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The study of the ecological landscape is vital to understanding processes of disturbance, particularly in patchy urban and urbanizing areas. The study of urban ecosystems is becoming increasingly important as urban and suburban development stretch into previously rural areas. In studying urban areas, birds have frequently been used as biological indicators of habitat quality. Urban development has often been shown to decrease habitat quality for birds, but old fields (abandoned agricultural fields) frequently function as refuges for a variety of grassland birds. The purpose of this study was to examine the effects of traffic density and urban development on old field birds in the Twin Cities Metro Area in east central Minnesota
Old field bird communities along a gradient of urban development in east central Minnesota were studied during post-breeding in 2005 and peak breeding season in 2006. Bird census data were collected both summers and analyzed using direct and indirect gradient analysis. In order to better understand the patterns of bird usage of old fields, a variety of environmental variables were measured, which describe the characteristics of the fields and surrounding landscape. GIS analysis and field data collection were used to gather these environmental variables. They included hourly traffic density, vegetation cover at each site, and landscape metrics such as percent surrounding agricultural lands at various spatial scales for each study site.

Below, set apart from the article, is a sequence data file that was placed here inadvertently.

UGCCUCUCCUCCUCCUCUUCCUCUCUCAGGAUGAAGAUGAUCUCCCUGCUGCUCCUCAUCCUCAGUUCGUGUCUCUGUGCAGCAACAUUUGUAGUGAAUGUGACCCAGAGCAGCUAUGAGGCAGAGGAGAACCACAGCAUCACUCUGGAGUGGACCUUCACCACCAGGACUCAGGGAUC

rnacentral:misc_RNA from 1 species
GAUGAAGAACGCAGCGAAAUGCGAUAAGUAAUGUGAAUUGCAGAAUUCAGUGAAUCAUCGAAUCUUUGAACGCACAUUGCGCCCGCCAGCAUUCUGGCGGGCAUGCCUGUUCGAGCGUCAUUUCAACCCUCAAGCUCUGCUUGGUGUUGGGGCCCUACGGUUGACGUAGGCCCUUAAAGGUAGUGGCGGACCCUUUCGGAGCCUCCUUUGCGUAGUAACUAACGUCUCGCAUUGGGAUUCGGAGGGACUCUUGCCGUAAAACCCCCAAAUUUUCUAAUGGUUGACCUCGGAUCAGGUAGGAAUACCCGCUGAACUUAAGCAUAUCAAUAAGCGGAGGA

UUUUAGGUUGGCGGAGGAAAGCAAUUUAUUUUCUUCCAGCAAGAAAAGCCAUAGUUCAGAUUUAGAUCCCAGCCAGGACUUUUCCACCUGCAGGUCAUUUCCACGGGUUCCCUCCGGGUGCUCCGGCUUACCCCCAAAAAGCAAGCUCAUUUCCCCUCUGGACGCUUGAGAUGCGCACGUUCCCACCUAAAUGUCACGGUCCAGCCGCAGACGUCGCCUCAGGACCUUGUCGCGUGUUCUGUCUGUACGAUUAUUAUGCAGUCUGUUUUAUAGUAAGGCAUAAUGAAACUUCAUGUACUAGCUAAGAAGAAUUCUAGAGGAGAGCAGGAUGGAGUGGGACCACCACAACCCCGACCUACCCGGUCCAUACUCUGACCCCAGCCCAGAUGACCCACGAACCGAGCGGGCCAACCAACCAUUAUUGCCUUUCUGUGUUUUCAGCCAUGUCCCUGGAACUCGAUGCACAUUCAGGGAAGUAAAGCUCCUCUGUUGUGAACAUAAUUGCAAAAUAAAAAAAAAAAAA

The results showed that traffic density plays a dominant role in the effects of the gradient of urban development on old field birds. These bird communities respond differently to the gradient of urban development during peak breeding season and post-breeding season, with larger, more diverse communities in low-traffic fields during the breeding season and larger communities in high-traffic fields post-breeding season. Agricultural fields may support grassland bird species as secondary habitat, but their presence within the landscape may contribute to decreasing use of old fields by ecotone bird species. These findings indicate that future urban development, decreasing agricultural lands and increasing traffic density, will significantly decrease breeding bird abundance and species richness in old field bird populations unless management actions are taken. Native grassland and ecotone species will be particularly impacted by these landscape changes. However, landscape metrics point to a relatively small zone of landscape influence of approximately 100 meters. If old fields are buffered from traffic and development during the breeding season, old field birds may be able to maintain viable populations within an urban landscape.
Goldsmith, Elizabeth W., "The Seasonal Impacts of Urban Development on Roadside Old Field Birds in East Central Minnesota" (2007). Biology Honors Projects. Paper 3.
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